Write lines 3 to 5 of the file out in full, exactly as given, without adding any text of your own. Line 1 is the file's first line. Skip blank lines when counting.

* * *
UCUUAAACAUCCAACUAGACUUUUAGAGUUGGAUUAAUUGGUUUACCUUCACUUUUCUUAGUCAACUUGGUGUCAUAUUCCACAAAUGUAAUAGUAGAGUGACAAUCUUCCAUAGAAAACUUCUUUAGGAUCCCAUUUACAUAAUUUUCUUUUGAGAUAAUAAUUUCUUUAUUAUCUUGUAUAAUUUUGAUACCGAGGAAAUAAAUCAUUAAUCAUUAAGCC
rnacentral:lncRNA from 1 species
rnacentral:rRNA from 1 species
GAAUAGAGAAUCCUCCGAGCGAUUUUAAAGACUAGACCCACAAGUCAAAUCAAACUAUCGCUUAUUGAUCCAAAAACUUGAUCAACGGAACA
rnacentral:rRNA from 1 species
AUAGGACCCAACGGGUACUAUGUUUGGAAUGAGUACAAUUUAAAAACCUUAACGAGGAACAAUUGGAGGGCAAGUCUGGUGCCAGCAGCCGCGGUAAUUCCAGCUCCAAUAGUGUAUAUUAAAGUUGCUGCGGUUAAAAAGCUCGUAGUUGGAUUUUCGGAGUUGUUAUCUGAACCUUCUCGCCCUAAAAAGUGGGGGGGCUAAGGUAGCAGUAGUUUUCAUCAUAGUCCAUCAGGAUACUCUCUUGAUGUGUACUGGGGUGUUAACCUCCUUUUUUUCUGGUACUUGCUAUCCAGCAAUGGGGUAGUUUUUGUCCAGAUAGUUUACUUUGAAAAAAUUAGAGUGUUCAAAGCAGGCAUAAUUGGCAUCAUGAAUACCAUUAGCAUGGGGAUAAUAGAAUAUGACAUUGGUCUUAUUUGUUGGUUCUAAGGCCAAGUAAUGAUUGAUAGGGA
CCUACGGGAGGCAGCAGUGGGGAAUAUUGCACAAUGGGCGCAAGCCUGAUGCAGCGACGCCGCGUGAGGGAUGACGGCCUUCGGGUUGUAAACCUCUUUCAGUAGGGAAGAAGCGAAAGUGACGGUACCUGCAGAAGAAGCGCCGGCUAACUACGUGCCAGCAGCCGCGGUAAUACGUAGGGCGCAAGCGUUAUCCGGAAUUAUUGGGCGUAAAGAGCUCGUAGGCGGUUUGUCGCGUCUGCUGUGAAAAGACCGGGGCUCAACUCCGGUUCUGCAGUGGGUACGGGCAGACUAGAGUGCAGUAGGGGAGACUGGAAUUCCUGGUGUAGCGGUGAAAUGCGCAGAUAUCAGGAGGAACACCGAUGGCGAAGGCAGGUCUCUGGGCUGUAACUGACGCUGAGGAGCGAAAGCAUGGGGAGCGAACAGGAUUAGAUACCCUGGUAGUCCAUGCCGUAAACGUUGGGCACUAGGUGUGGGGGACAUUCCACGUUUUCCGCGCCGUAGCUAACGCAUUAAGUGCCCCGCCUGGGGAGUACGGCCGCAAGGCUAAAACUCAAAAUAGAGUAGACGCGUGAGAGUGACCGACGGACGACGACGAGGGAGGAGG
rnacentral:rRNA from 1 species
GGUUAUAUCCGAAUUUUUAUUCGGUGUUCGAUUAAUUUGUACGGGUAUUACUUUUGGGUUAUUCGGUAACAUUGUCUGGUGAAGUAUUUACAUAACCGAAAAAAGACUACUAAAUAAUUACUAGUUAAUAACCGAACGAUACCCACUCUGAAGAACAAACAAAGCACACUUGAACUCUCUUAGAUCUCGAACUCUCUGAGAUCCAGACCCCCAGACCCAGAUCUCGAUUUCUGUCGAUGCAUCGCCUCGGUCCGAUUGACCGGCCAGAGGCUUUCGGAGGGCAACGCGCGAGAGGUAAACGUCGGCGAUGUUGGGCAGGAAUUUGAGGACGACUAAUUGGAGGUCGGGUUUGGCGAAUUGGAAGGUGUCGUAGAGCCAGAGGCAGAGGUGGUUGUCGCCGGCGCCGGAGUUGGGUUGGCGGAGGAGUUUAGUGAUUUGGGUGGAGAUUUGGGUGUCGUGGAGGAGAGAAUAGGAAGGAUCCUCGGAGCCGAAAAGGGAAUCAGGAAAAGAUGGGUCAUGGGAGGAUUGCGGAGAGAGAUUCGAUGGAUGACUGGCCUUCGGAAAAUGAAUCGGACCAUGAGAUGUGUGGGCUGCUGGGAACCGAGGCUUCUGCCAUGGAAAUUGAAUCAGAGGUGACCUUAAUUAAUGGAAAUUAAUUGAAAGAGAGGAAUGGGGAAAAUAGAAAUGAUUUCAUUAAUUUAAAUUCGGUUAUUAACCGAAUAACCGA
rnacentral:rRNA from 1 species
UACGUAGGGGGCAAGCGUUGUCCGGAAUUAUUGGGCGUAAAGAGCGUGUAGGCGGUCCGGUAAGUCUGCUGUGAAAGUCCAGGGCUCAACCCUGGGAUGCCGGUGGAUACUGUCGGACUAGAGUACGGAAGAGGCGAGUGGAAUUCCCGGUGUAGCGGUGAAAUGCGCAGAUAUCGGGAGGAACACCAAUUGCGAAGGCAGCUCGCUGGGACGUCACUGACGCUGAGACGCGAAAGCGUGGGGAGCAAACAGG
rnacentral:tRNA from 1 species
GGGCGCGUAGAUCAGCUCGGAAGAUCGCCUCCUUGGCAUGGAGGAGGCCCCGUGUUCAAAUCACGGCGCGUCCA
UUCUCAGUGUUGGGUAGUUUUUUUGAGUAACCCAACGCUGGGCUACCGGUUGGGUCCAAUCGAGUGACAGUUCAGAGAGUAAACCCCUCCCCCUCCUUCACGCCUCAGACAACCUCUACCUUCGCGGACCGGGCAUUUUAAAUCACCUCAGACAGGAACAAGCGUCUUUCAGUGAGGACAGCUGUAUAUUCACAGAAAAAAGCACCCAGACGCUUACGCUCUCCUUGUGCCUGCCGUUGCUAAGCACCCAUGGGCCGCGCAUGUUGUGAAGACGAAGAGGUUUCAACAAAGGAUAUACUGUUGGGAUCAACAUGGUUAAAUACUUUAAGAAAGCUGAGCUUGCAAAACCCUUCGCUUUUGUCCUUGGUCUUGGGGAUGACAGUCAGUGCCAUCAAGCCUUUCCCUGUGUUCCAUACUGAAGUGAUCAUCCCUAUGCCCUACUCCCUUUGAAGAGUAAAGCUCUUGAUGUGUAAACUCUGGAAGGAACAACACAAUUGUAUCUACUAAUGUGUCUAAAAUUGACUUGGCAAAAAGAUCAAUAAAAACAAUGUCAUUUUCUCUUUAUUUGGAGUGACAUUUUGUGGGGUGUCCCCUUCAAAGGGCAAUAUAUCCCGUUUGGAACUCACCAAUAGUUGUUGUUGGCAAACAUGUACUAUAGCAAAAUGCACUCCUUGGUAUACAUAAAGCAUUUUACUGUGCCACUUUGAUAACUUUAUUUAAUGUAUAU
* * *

rnacentral:rRNA from 1 species
GAAUAGAGAAUCCUCCGAGCGAUUUUAAAGACUAGACCCACAAGUCAAAUCAAACUAUCGCUUAUUGAUCCAAAAACUUGAUCAACGGAACA
rnacentral:rRNA from 1 species